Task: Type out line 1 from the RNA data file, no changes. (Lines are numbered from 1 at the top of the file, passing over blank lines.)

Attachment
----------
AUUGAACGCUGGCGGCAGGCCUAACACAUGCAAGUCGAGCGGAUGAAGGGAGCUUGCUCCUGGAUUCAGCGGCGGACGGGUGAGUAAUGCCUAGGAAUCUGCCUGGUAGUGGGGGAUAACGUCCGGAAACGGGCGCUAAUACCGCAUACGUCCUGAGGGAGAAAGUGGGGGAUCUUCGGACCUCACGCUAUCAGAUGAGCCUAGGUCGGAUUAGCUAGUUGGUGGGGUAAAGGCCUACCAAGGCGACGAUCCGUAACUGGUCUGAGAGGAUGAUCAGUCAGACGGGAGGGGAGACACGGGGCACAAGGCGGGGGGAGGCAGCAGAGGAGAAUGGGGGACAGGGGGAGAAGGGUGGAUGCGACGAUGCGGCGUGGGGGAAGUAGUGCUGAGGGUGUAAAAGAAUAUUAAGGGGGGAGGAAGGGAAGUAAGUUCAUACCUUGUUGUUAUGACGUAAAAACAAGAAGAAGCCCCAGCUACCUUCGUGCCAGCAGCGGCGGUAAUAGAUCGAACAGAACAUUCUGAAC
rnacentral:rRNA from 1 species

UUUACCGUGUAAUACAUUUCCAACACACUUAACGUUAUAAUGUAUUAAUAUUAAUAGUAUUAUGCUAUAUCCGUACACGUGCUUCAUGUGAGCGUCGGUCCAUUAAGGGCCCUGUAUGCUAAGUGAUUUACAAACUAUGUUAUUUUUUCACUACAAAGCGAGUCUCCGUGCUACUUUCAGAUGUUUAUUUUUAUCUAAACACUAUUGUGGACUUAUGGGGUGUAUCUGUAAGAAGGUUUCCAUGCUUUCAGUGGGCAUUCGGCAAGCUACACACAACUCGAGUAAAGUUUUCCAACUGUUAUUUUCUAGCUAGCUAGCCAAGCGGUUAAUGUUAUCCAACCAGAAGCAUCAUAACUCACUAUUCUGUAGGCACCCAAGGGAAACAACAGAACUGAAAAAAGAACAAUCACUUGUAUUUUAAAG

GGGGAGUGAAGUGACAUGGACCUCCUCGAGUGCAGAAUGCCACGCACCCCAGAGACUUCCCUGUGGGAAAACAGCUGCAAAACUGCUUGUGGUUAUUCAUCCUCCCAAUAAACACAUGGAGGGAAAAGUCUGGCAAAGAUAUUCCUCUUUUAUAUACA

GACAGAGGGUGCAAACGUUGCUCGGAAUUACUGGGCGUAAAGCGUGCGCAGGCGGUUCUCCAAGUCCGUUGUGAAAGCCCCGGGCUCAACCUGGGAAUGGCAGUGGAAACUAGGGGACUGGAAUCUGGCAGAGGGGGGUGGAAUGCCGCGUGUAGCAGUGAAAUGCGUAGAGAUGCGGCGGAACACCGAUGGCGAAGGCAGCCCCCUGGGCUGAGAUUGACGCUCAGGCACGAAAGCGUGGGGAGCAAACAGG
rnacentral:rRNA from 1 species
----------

AUUGAACGCUGGCGGCAGGCCUAACACAUGCAAGUCGAGCGGAUGAAGGGAGCUUGCUCCUGGAUUCAGCGGCGGACGGGUGAGUAAUGCCUAGGAAUCUGCCUGGUAGUGGGGGAUAACGUCCGGAAACGGGCGCUAAUACCGCAUACGUCCUGAGGGAGAAAGUGGGGGAUCUUCGGACCUCACGCUAUCAGAUGAGCCUAGGUCGGAUUAGCUAGUUGGUGGGGUAAAGGCCUACCAAGGCGACGAUCCGUAACUGGUCUGAGAGGAUGAUCAGUCAGACGGGAGGGGAGACACGGGGCACAAGGCGGGGGGAGGCAGCAGAGGAGAAUGGGGGACAGGGGGAGAAGGGUGGAUGCGACGAUGCGGCGUGGGGGAAGUAGUGCUGAGGGUGUAAAAGAAUAUUAAGGGGGGAGGAAGGGAAGUAAGUUCAUACCUUGUUGUUAUGACGUAAAAACAAGAAGAAGCCCCAGCUACCUUCGUGCCAGCAGCGGCGGUAAUAGAUCGAACAGAACAUUCUGAAC